An Egyptian vendor sells nuts in front of a giant poster of a U.S. dollar outside a currency exchange office in Cairo (Photo: AP)
The Egyptian pound plummeted to an eight year low against the US dollar on Sunday afternoon, following a currency auction in which the Central Bank sold $75 million to local banks.
The dollar is currently priced to customers at LE6.365 plus a 2 per cent administrative fee, one banker told Ahram Online, Sunday.
At a maiden foreign currency auction on Sunday morning, the Central Bank sold US dollars to banks at a cut-off price of LE6.2425.
The Central Bank of Egypt (CBE) had announced earlier on Sunday several procedures to preempt a looming foreign currency crisis, including putting a limit on corporate cash withdrawals at $30,000 per day, Reuters reported.
It also placed a two per cent administrative fee on individuals who purchase foreign currencies.
"The new fee is curbing the demand on the US dollar a little bit, but a lot of people are coming to buy it at any price," a bank manager in downtown Cairo said.
The local currency is currently trading at a price between LE6.32 to LE6.38 in banks and currency exchange shops. The previous low for the pound, in October 2004, was about 6.26 to the dollar.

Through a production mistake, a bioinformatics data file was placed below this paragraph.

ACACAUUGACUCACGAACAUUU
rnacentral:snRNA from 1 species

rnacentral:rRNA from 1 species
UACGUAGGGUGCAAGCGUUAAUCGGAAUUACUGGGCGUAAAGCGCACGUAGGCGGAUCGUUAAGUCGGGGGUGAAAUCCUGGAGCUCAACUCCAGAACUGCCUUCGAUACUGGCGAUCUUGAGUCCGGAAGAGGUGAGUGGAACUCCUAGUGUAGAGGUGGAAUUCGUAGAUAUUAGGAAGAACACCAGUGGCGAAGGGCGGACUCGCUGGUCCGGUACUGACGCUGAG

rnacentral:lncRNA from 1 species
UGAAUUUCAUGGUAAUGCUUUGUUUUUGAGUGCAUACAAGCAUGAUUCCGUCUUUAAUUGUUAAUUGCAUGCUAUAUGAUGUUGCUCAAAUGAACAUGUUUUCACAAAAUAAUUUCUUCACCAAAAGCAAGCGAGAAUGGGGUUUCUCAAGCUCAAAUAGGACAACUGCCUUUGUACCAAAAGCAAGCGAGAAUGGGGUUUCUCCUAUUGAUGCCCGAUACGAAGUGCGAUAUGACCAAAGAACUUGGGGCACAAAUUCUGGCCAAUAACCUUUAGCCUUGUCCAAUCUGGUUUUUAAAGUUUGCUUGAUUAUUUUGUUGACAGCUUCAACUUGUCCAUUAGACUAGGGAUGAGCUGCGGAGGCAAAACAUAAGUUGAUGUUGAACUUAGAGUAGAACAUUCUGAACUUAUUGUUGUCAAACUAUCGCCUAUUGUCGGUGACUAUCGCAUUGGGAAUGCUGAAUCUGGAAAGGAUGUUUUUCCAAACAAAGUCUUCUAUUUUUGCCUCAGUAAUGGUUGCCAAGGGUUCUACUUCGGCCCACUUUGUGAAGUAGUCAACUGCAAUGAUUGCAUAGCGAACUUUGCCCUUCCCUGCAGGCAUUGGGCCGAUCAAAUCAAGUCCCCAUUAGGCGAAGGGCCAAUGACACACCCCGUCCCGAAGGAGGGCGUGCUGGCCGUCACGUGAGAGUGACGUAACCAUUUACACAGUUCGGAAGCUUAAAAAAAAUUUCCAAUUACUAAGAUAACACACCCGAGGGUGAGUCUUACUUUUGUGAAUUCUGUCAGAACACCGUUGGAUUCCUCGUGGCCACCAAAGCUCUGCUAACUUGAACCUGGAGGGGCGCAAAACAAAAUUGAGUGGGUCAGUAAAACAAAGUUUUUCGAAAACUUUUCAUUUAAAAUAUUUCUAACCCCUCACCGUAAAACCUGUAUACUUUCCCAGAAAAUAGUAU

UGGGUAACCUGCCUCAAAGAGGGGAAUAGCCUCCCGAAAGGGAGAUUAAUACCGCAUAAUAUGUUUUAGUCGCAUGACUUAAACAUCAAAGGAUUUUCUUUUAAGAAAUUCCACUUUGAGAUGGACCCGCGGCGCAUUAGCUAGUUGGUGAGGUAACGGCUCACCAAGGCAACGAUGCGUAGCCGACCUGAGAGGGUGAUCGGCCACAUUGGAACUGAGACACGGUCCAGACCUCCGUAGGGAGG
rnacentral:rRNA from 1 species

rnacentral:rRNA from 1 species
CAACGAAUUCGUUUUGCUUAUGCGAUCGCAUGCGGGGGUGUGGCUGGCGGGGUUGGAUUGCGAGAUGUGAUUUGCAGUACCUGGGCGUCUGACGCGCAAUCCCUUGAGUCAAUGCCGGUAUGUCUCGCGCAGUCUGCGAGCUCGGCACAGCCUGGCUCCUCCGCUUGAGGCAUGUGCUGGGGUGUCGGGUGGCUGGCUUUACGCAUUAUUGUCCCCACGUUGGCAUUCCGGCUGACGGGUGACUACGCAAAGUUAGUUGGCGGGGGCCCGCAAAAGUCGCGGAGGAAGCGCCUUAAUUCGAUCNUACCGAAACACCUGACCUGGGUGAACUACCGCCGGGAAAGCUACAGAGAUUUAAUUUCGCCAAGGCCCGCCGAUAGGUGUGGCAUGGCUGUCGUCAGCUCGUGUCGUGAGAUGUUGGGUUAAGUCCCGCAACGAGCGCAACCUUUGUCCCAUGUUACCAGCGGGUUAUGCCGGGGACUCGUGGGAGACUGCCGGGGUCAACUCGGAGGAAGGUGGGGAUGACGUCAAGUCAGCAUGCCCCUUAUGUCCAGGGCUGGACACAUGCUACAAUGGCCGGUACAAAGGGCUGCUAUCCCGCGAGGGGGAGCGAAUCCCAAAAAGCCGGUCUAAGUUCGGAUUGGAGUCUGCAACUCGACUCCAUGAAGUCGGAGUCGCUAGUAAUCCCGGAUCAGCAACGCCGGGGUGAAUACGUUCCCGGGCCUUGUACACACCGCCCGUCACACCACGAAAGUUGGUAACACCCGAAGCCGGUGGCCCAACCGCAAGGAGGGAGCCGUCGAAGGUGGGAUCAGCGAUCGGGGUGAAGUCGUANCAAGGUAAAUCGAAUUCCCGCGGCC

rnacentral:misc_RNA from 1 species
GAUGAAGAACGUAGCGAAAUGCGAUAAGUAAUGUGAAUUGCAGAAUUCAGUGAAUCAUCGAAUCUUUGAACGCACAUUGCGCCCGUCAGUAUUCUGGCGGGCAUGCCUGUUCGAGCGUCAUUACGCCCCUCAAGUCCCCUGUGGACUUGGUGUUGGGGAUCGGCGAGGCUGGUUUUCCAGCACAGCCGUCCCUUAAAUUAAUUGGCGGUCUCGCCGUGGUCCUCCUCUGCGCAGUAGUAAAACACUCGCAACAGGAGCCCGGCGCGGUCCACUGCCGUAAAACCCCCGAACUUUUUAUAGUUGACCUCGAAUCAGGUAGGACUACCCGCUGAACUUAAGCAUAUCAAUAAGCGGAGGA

Egypt's currency market has been prey to uncertainty since a $4.8 billion loan with the International Monetary Fund (IMF) was postponed earlier in December. Rumors about a looming crisis and possibilities of Egypt 'going bankrupt' have prompted individuals to rush to exchange offices to buy up the hard currency.
The frenzy is augmented by the fact that Egypt's net international reserves, which have helped keep the exchange market stable since January 2011, currently stand at $15.03 billion.
The CBE said on Saturday it was introducing the new exchange regime to conserve foreign reserves, which it said had fallen to a critically low level.
The new regulations also put a limit on the amount of US dollars banks can hold. Under the new rules, Egyptians banks are not allowed to hold long positions in US dollars of more than one per cent of their capital.
EFG-Hermes, the largest investment bank in Egypt and the Middle East, published a report on 19 December expecting the pound to drop by the end of 2013 and reach 6.6 to the dollar.